Erin Murphy, 4th Grade, Heath Elementary School
“The Queen of Differentiation”
Heath Elementary School’s Erin Murphy has been hailed the Queen of Differentiation. She doesn’t just create a teaching plan for each lesson. She creates multiple plans meant to accommodate the multiple learning styles present in her classroom spending up to 70 hours a week planning and executing her lessons.
“Each student learns differently and we have to accommodate to that learning style to make sure they can reach their full potential,” explains Ms. Murphy. I am a strong believer in cooperative learning and think that students can learn just as much from one another as they can from me. So when we are doing class discussions or completing a challenging math problem, my higher learners might only be able to ask their peers guiding questions instead of telling every answer and solving each problem for their team. When I am modeling the steps they can use to complete a question, I will often ask my students if anyone wants to share another way to solve this problem. The methods my students share often help other students better understand the concepts that are being taught.”
Learning in Ms. Murphy’s classroom doesn’t end when the students complete their assigned work. Her classroom contains an “I’m done, now what” buckets students go to based on a colored sticker present on their desk. Tasks in the buckets are content areas they can improve on. This may be challenging questions or research opportunities for students who have mastered their skills or manipulatives to help struggling students further gain a deeper understanding of the lesson taught in class. They may need to even have the steps written out for them or fewer problems to complete (to prevent getting overwhelmed and frustrated).
Ms. Murphy also inspires her students to be teachers. Her principle: “If they can teach it, they know it.” Students participate in cooperative learning through team huddles, think pair shares, and other group learning activities. Learning content is reviewed regularly throughout the school year to help students retain what they have learned.
Instead of me being constantly at the board reviewing, the students will be picked (sometimes randomly) to explain how to answer a question. Their expectation is to explain every step they complete and tell why they are doing those steps. We play “puppeteer” games where the kids will be partnered up to explain the steps to complete a problem and their partner has to do each step their partner says. Most recently, we have been preparing for our standardized testing. After discussions in class to review our content, some students have been picked to write and teach a lesson during our flex time. They have picked the manipulatives they will use, written questions they want to ask, explained the purpose of the game, and written problems they want their students to be able to answer. They have truly amazed me with this task! Many have helped students find mistakes in their work and the reasons for those mistakes. They have even had their students write word problems once they have mastered the skill.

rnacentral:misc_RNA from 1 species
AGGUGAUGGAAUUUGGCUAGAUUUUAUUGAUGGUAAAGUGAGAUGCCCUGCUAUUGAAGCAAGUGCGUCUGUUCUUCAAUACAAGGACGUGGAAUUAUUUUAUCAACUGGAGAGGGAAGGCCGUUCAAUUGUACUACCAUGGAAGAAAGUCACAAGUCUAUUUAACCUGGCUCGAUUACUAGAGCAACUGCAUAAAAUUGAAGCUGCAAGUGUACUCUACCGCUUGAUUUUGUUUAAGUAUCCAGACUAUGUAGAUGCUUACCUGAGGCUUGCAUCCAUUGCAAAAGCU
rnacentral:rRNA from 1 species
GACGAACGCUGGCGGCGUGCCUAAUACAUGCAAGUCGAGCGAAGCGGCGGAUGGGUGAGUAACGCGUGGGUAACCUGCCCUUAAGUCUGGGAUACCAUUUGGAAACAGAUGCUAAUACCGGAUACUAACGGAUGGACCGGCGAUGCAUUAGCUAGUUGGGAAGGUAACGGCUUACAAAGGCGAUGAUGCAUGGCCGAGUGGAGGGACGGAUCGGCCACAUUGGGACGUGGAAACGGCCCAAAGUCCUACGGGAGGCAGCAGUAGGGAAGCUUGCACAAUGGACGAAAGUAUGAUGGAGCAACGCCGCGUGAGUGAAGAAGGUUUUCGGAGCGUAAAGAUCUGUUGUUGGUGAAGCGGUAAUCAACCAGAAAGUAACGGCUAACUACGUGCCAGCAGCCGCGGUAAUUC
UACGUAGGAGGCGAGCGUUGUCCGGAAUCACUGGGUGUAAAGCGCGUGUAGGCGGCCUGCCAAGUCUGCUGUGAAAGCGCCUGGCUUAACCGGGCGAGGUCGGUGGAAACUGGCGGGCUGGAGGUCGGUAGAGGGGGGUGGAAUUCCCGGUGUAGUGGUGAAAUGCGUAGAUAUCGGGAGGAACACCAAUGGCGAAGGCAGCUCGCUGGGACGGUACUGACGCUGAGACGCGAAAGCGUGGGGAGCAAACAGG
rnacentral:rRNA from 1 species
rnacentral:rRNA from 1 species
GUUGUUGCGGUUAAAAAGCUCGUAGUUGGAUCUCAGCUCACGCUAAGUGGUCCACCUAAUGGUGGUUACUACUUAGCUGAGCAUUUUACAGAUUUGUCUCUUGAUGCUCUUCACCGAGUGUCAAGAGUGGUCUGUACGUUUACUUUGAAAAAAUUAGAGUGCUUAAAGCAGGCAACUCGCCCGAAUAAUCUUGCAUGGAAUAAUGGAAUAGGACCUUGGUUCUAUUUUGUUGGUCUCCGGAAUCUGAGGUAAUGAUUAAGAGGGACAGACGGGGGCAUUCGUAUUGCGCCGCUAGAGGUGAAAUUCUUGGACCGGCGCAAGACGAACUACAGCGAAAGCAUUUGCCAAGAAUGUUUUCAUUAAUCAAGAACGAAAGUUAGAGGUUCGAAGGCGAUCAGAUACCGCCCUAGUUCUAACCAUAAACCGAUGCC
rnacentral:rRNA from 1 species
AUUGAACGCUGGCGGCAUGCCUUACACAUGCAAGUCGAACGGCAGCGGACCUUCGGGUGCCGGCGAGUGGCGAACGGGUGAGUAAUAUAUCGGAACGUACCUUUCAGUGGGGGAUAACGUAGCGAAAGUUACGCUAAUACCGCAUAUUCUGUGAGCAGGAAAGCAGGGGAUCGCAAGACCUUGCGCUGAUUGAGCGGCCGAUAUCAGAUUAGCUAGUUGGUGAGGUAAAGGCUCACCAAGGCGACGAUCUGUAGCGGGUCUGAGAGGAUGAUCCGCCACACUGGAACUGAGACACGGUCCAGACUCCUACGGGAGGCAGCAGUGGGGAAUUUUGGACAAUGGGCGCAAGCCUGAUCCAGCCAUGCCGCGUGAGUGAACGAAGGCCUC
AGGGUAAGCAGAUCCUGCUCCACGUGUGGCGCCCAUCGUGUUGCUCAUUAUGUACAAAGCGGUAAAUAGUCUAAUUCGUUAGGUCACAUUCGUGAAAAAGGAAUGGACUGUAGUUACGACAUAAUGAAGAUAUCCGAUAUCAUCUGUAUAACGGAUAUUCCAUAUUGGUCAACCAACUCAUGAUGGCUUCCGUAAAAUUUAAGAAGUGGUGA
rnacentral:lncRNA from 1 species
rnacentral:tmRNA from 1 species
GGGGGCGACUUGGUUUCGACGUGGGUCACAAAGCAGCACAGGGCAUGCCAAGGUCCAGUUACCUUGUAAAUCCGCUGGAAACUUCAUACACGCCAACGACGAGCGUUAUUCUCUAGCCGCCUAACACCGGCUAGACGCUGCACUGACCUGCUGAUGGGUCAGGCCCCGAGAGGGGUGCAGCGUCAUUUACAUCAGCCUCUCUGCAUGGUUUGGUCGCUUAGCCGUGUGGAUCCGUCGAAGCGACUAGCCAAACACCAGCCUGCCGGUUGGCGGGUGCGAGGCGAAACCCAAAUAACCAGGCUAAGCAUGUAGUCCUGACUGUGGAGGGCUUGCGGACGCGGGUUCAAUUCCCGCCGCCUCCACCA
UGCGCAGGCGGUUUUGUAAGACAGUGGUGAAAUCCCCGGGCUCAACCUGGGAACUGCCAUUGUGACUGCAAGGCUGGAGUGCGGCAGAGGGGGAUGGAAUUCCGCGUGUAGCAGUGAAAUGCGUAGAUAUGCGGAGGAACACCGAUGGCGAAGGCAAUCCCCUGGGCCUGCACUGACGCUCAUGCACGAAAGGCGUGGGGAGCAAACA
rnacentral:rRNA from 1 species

“I don’t know I consider myself a Queen of Differentiation. I just really want my students to find ways to be successful, challenged, and confident in their work. Teaching is my passion. I love coming up with new ways to teach my content instead of looking at the plans from previous years. Whether it’s creating something on my own or finding ideas from other teachers, each year is a clean slate with a whole new group of kiddos so you have to have fresh new ideas. I also love watching the growth in my students and the confidence they build throughout the year. Most importantly, my students keep me teaching! I don’t have any children of my own so my students feel like family to me. Each year, they take a piece of my heart when they move on to the next grade level. That’s the most rewarding part: the relationships that are built. My students are very special to me and I hold dear the bond we build.”